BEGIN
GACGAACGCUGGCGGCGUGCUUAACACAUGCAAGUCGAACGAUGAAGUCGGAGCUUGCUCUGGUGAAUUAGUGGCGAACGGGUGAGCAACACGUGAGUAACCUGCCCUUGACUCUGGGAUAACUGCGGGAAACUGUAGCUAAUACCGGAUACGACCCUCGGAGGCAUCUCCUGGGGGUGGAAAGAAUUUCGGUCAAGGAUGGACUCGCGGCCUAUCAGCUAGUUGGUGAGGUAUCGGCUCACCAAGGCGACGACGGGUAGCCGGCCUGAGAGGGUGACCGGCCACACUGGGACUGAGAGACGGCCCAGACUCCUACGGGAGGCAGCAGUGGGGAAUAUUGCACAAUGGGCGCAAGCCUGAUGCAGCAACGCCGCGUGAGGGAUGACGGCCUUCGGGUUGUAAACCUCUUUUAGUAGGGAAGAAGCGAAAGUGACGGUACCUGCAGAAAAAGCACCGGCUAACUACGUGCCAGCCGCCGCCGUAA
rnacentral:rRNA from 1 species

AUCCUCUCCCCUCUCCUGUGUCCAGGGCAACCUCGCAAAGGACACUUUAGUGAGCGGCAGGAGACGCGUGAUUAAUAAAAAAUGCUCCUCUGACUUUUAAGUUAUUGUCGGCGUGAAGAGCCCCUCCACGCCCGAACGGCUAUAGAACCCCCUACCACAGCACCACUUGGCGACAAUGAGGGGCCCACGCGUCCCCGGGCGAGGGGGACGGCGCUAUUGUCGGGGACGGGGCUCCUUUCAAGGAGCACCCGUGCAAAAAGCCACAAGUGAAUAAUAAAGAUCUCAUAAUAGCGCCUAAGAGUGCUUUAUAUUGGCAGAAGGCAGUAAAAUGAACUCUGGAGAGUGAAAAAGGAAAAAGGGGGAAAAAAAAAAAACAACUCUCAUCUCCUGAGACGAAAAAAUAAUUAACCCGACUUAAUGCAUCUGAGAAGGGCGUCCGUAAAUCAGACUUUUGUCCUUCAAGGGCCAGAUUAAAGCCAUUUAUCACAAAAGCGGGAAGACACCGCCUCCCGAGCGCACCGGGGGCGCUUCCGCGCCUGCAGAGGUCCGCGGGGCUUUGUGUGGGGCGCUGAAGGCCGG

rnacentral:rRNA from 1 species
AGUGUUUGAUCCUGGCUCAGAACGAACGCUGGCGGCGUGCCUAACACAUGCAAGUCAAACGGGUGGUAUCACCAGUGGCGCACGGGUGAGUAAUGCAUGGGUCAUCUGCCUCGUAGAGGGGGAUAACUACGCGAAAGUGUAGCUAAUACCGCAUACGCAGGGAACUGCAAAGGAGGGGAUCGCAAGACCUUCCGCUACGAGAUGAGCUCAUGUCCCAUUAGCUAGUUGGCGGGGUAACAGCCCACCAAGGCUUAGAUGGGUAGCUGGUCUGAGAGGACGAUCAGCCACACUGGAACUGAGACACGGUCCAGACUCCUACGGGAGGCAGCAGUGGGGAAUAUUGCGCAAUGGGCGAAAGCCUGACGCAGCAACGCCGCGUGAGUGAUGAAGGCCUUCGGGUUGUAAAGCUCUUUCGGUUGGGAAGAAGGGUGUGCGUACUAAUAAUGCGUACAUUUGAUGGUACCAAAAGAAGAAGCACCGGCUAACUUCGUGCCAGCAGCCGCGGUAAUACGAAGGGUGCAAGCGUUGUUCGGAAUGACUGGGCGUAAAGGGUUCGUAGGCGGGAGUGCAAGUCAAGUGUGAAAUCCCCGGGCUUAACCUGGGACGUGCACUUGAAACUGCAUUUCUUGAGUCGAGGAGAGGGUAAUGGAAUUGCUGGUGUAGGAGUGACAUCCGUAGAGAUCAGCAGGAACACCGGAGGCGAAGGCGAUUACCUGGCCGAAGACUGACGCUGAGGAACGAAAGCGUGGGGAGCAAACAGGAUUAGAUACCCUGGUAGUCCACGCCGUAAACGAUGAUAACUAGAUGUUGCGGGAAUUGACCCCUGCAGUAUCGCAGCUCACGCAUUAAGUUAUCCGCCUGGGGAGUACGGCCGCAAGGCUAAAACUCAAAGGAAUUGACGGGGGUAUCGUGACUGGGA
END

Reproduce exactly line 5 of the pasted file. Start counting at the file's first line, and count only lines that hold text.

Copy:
AGUGUUUGAUCCUGGCUCAGAACGAACGCUGGCGGCGUGCCUAACACAUGCAAGUCAAACGGGUGGUAUCACCAGUGGCGCACGGGUGAGUAAUGCAUGGGUCAUCUGCCUCGUAGAGGGGGAUAACUACGCGAAAGUGUAGCUAAUACCGCAUACGCAGGGAACUGCAAAGGAGGGGAUCGCAAGACCUUCCGCUACGAGAUGAGCUCAUGUCCCAUUAGCUAGUUGGCGGGGUAACAGCCCACCAAGGCUUAGAUGGGUAGCUGGUCUGAGAGGACGAUCAGCCACACUGGAACUGAGACACGGUCCAGACUCCUACGGGAGGCAGCAGUGGGGAAUAUUGCGCAAUGGGCGAAAGCCUGACGCAGCAACGCCGCGUGAGUGAUGAAGGCCUUCGGGUUGUAAAGCUCUUUCGGUUGGGAAGAAGGGUGUGCGUACUAAUAAUGCGUACAUUUGAUGGUACCAAAAGAAGAAGCACCGGCUAACUUCGUGCCAGCAGCCGCGGUAAUACGAAGGGUGCAAGCGUUGUUCGGAAUGACUGGGCGUAAAGGGUUCGUAGGCGGGAGUGCAAGUCAAGUGUGAAAUCCCCGGGCUUAACCUGGGACGUGCACUUGAAACUGCAUUUCUUGAGUCGAGGAGAGGGUAAUGGAAUUGCUGGUGUAGGAGUGACAUCCGUAGAGAUCAGCAGGAACACCGGAGGCGAAGGCGAUUACCUGGCCGAAGACUGACGCUGAGGAACGAAAGCGUGGGGAGCAAACAGGAUUAGAUACCCUGGUAGUCCACGCCGUAAACGAUGAUAACUAGAUGUUGCGGGAAUUGACCCCUGCAGUAUCGCAGCUCACGCAUUAAGUUAUCCGCCUGGGGAGUACGGCCGCAAGGCUAAAACUCAAAGGAAUUGACGGGGGUAUCGUGACUGGGA